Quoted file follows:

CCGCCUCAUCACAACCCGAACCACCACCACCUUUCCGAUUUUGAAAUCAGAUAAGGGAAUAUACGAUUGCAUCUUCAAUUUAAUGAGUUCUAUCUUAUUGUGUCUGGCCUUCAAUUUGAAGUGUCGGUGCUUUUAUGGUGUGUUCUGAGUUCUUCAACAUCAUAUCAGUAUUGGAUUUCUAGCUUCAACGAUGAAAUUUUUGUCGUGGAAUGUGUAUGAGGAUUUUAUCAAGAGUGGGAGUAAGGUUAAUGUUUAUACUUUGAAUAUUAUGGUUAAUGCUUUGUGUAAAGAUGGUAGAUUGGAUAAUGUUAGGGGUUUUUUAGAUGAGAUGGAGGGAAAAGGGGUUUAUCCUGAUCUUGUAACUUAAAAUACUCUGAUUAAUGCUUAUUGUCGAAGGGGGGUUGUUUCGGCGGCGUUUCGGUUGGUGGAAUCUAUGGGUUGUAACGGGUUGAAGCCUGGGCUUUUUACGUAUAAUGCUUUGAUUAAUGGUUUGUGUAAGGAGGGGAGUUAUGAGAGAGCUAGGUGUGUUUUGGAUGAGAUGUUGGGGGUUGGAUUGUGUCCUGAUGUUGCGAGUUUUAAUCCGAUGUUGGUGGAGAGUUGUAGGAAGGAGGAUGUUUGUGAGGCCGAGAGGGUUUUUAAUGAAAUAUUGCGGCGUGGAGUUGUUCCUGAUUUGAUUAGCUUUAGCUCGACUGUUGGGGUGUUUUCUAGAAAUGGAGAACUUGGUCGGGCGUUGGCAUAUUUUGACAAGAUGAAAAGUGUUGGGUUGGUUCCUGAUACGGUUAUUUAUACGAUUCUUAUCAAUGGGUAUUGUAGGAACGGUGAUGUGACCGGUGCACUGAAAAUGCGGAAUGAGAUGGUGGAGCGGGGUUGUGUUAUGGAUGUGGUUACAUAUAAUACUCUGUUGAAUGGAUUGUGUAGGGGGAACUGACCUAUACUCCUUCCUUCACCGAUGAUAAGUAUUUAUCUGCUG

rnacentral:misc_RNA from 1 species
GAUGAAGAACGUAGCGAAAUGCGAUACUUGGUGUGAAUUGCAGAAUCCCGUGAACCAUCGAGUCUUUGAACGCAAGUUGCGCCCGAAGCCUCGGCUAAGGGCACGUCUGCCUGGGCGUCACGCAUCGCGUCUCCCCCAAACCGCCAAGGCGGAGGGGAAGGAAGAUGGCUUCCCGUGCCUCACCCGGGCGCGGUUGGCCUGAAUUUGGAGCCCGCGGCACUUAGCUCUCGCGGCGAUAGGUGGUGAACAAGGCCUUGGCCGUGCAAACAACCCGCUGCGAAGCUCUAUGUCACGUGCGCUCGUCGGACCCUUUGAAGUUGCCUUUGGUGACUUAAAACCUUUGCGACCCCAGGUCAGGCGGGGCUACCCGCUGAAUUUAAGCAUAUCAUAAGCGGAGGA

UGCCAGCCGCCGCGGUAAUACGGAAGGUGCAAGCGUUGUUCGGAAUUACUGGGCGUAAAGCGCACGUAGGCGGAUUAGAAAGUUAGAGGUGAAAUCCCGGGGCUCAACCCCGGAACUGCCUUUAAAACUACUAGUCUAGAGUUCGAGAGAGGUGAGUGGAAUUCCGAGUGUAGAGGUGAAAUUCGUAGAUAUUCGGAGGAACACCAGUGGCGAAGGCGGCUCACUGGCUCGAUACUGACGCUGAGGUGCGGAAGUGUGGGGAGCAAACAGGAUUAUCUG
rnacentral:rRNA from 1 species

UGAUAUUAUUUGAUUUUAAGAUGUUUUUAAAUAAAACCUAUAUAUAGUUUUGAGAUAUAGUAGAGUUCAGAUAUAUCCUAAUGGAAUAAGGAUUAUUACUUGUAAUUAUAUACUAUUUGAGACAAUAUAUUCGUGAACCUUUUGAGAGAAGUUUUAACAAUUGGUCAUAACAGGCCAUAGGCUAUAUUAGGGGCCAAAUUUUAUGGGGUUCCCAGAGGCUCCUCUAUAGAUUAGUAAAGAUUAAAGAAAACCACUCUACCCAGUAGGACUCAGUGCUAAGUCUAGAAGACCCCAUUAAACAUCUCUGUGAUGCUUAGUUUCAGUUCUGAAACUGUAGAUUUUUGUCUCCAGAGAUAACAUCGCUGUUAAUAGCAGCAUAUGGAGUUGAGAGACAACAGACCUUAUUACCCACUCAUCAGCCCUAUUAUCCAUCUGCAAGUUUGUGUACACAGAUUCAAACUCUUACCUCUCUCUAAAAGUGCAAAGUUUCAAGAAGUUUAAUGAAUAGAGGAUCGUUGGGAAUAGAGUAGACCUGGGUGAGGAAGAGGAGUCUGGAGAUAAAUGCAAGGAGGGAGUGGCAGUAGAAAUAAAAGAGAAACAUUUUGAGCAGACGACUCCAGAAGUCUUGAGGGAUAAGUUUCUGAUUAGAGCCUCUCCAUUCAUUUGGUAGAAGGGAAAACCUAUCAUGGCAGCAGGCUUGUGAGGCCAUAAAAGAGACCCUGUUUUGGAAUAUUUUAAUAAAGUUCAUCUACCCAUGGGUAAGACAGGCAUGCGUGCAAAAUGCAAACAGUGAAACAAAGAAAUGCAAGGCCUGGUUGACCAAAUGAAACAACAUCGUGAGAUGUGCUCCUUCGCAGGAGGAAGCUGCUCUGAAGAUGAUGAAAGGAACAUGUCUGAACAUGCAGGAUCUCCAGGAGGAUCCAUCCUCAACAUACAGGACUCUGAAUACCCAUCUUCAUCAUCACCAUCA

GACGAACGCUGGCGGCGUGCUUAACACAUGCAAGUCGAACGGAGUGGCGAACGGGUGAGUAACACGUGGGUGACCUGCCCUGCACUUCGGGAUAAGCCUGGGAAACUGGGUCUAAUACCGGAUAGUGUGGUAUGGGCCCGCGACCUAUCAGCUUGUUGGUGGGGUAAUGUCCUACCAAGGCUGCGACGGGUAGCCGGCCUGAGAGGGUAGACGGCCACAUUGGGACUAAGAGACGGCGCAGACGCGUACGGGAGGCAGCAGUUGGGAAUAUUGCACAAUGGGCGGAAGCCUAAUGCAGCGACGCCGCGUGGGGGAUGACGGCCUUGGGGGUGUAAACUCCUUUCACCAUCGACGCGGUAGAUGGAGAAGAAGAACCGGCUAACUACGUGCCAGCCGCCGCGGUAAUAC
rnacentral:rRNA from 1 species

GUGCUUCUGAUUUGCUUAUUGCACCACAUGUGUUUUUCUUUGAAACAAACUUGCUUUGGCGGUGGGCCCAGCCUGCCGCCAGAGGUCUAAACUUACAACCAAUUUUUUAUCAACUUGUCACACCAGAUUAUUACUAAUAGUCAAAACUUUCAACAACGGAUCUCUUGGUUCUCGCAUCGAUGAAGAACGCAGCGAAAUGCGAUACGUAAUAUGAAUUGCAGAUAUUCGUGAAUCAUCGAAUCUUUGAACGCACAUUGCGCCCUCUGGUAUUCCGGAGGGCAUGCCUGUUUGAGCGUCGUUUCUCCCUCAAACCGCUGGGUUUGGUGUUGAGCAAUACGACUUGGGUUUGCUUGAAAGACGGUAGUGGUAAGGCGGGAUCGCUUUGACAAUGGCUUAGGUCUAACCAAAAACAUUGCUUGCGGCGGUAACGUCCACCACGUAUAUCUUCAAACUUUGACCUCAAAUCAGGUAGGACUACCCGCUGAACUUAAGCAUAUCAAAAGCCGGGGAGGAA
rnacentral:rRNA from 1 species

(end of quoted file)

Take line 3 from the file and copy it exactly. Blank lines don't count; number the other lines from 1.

GAUGAAGAACGUAGCGAAAUGCGAUACUUGGUGUGAAUUGCAGAAUCCCGUGAACCAUCGAGUCUUUGAACGCAAGUUGCGCCCGAAGCCUCGGCUAAGGGCACGUCUGCCUGGGCGUCACGCAUCGCGUCUCCCCCAAACCGCCAAGGCGGAGGGGAAGGAAGAUGGCUUCCCGUGCCUCACCCGGGCGCGGUUGGCCUGAAUUUGGAGCCCGCGGCACUUAGCUCUCGCGGCGAUAGGUGGUGAACAAGGCCUUGGCCGUGCAAACAACCCGCUGCGAAGCUCUAUGUCACGUGCGCUCGUCGGACCCUUUGAAGUUGCCUUUGGUGACUUAAAACCUUUGCGACCCCAGGUCAGGCGGGGCUACCCGCUGAAUUUAAGCAUAUCAUAAGCGGAGGA